My husband never interests me. The only reason we marry is so that I may come here, to this moment, though it always goes in ways I do not wish it to.

In each version, I think they like me at first. The one with black and gold in a windsor knot, she smiles and ducks her head when I reach out to grasp her hand. We are like fresh burns or blisters, bubbling over and longing to touch ourselves, each other.

“There are enough of us now,” I say and the one with white rabbits clucks her tongue and shakes her head.

The others look less sure. “Do you know how to fight?

“Can you shoot? Can you poison? Do you know how to evade the constable, the copper, the polygraph? Have you a swamp in which to hide the body, a furnace which heats to a thousand degrees? What is our means of escape? The horses? The car? The black hole looming outside the starboard window?”

The conversation never changes, only the number of mornings like this one. The consumption of bread and tea, the women’s bodies pressing in like so many eager accomplices.

Later, in the closet, I remember the clink of metal on metal as their fingers tapped in feigned boredom. I would ask what it means but we have no mouths here, and it is time for the next.

Five through Sixteen: Optional

These girls have been added over time. Some say they are to pad the body count, others to establish the subtle patterns of a psychological profile. There are rumors that Wife Fourteen staved the moment of her execution for three years by slowly revealing a complex quadratic equation for the attainment of eternal youth. She began with a history of decompression: the white goats of Haldane falling to their knees with each expansion of depth and time ratios. She draws parallels between fractal theory and time travel. Some say this is an example of distraction like Scheharazade. Her cleverness should be lauded, held as an example to all women who must deal with difficult men. Others are less sure.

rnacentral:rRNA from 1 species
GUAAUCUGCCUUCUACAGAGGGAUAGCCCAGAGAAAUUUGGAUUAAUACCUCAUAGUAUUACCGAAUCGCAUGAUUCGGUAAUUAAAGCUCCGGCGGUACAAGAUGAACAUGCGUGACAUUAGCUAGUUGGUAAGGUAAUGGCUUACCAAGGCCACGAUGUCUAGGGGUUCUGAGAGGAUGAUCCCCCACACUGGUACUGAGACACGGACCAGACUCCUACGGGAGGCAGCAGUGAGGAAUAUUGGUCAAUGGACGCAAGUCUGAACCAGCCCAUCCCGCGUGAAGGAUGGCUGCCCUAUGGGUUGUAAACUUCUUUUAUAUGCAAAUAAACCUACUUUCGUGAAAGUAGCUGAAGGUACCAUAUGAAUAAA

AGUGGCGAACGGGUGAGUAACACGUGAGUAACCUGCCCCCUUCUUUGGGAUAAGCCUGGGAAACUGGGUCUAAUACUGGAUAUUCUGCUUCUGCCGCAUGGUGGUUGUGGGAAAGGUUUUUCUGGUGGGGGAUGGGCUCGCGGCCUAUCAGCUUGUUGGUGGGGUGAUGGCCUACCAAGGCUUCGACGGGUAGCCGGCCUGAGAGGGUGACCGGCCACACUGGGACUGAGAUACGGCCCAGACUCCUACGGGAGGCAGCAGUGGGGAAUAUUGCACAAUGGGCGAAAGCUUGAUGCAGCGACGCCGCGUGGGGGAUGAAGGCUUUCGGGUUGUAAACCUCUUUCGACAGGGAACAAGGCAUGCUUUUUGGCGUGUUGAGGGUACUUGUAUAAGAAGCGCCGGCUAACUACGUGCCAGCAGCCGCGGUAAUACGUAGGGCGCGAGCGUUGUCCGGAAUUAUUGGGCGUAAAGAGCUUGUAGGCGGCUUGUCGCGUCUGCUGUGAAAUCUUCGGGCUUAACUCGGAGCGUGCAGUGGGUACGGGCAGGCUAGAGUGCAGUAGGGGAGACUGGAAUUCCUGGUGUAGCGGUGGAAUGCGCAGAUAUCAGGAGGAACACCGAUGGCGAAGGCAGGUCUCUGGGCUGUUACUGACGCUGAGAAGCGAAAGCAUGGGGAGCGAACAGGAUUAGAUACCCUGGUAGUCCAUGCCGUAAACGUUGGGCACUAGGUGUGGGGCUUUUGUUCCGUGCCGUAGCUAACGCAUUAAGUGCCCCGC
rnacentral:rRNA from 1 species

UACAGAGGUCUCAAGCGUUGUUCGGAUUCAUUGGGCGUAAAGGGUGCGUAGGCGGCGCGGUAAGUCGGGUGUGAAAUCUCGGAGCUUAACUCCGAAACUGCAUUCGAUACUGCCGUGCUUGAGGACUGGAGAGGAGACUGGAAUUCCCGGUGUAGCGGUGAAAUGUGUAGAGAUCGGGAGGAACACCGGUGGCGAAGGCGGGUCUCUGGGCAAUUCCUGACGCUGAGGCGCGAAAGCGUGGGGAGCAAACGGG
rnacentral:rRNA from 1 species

The Seventeenth Wife

I do not appear until the thousandth telling, but I am there for every one thereafter. I am dropped in without warning, an elision of motivation and necessity. I am the first wife with metal skin and wiring but am given incontrovertible rules of behavior such that they are of little use.

There are other versions of me too who come later, but though we are all called the Seventeenth, we do not think of ourselves as the same. One of us has yellow buttons for eyes, an analog radio mouth. We suppose we could deconstruct ourselves, interchange our organs of rocket thrusters and screens of pulsing data. Or perhaps lay our skins out, our alveoli and cortexes, hard limbs (do we have these things? we must have these things if we are to breathe and to think and calculate the integral of our breasts) to blanket the entire galaxy.

It occurs to us occasionally that we could stop our husband from killing us, we could raise our arms and the blade would find no purchase in the deep paunch of our necks. But at least it is a quick death. Clean, uncompromising. Sometimes we think we prefer it.


Eventually it comes to pass that those who tell the story insert themselves into its fabric. There is the green-skinned housekeeper who hands me a tangled knot of thread when I first enter the house and warns me of a monster at the center of the maze. I believe she is confused with other constructions, other stories which are being told and retold in other places, at other times and I (and we all who come after) are too embarrassed to tell her so.

I am the first who can see outside: the black hills and black sun, the blue limbed trees which sway in winds too warm for brittle skin. I take the thread and tie it to the door anyway, shed my shoes and run as fast as I can in any direction. The air fills with a fine silt and it is hours before I realize I am not breathing it in.

I breathe nothing in.

I do not breathe.